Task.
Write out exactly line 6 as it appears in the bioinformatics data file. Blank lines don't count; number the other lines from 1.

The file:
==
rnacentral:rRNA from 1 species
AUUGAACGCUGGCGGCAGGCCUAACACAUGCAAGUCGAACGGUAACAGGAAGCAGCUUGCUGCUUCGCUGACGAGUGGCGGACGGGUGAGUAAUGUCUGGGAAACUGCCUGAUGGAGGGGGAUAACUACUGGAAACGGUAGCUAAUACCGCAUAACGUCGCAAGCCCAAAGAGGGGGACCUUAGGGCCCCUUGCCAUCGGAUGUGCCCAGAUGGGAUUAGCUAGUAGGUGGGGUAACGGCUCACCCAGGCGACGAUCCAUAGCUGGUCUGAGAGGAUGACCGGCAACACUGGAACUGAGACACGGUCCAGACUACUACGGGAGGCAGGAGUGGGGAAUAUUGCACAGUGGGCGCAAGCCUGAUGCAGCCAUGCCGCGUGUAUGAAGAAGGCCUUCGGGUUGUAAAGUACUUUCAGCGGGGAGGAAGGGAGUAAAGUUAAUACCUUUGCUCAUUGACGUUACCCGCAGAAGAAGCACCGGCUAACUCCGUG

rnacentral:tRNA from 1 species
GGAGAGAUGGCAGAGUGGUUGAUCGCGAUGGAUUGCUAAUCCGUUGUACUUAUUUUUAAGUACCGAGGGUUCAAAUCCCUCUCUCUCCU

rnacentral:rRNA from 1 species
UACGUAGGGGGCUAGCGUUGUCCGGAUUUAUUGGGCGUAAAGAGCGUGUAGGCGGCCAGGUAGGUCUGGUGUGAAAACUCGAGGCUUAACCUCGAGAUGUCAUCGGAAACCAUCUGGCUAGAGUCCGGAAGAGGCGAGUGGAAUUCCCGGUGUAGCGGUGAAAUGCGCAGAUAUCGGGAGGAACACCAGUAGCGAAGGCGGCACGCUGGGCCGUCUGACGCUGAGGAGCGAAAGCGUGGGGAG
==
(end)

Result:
UACGUAGGGGGCUAGCGUUGUCCGGAUUUAUUGGGCGUAAAGAGCGUGUAGGCGGCCAGGUAGGUCUGGUGUGAAAACUCGAGGCUUAACCUCGAGAUGUCAUCGGAAACCAUCUGGCUAGAGUCCGGAAGAGGCGAGUGGAAUUCCCGGUGUAGCGGUGAAAUGCGCAGAUAUCGGGAGGAACACCAGUAGCGAAGGCGGCACGCUGGGCCGUCUGACGCUGAGGAGCGAAAGCGUGGGGAG